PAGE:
Multiple Gender Dimensions
Japan - Changing Shape of Child and Elderly Care
Traditionally in Japan, the care needs of children, the elderly, sick or disabled have been met within the family. As one of the welfare states with the highest proportion of elderly people (defined as those who are 65 years and older) the state provided a few care services, but they were limited and the coverage was restricted to those with the most intense care needs. However, a number of social forces have made it necessary to expand the public role in care provision. These forces include demographic change (ageing), changes in family structures (the increasing proportion of one-person households and households that include only elderly persons) and, to some degree, changes in the labour market (the increase in female labour force participation).
elderly care, the rapid expansion of demand for public care services coincided
with the retrenchment of social spending caused by a rapidly deteriorating
fiscal deficit. It became clear that the government would not be able to meet
the future increase in care demands without radical reform. As a result,
Long-Term Care Insurance (LTCI) was introduced in 2000.
In the case of childcare, the state response was triggered by declining fertility. The main rationale, in order to raise fertility, was that it was necessary to ease the pressure of child-rearing on women, and one of the ways of doing so was to encourage women to work. However, the relationship between state provision of care and fertility was never clearly spelled out or understood, and the policy response to childcare was half-hearted and confusing.
This paper by Aya Abe describes the scale of the elderly care problem in Japan, examines the government’s role in providing care and, to a lesser extent, considers the market’s role before and after the introduction of the LTCI. It also looks at changing patterns in state provision of childcare. The paper expands on the idea of the “care diamond” introduced by Razavi and applies it to care for the elderly and children in Japan in order to compare the two.
Three main findings of the paper can be highlighted.
First, both for elderly care and childcare, the author finds that gender inequalities in care provision remain strong. The bulk of care is provided by women in the immediate family, whether it is the wife, daughter or step-daughter in the case of elderly care, or mother, in the case of childcare. The introduction of the LTCI reinforced traditional tendencies by emphasizing home care over institutional care, and a combination of cultural and socioeconomic factors has kept the gender bias in place. One reason is the weak representation in, and influence on, the policy-making process by women’s—as well as other—social movements. Another is the fact that the value of women’s time in the labour market is quite low compared to that of men. A growing proportion of the female labour force is composed of non-permanent workers whose wages are significantly lower than those of permanent workers. This is reinforced by care policies that leave women with no alternative but to interrupt their careers in their 20s and 30s in order to take care of their children. Because these women have already given up their permanent job earlier in their life, they are pushed into taking care of the elderly when they are in their 50s and 60s. Thus, care policies and employment policies reinforce women’s role as caregivers.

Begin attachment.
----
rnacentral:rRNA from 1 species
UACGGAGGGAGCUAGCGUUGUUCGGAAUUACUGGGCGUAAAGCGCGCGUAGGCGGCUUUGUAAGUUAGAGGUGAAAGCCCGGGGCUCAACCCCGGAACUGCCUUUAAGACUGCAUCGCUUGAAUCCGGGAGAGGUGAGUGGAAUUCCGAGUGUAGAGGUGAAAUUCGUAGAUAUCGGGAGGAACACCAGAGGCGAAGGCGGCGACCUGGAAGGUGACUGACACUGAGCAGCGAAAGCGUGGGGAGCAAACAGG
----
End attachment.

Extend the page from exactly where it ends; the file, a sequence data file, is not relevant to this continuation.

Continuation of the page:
Second, the care diamonds for elderly care and childcare are quite different in Japan, mainly because of different policy objectives. The stated objective of the LTCI is to “socialize the burden of care among the entire society”. But according to the author, the hidden motive is to cut the governmental fiscal outlay for elderly care. In contrast, the policy objective for childcare is “to balance work and family”, ultimately aiming at increasing fertility rates and women’s labour force participation. The result of these different objectives is that the LTCI tries to emphasize home-based solutions, while childcare policy emphasizes institutional care. Another notable difference between elderly care and childcare policies is the role of markets. In elderly care, there is an almost complete overlap of state and market spheres. Indeed, Abe argues, the LTCI works as a market solution to the fiscal burden of state-provided care services. The money for care services is thus collected (from all citizens over 40) and distributed (according to the state’s classification of care needs) by the state, while service provision is almost entirely carried out by private institutions. In contrast, childcare provision is divided between the public and private spheres.
Finally, Abe says, what is conspicuously missing in the development of both elderly and childcare policies is the voice of caregivers, notably women, and those receiving care themselves. Here, care policies do not differ from other social policies in Japan, which are notably bureaucracy-driven.
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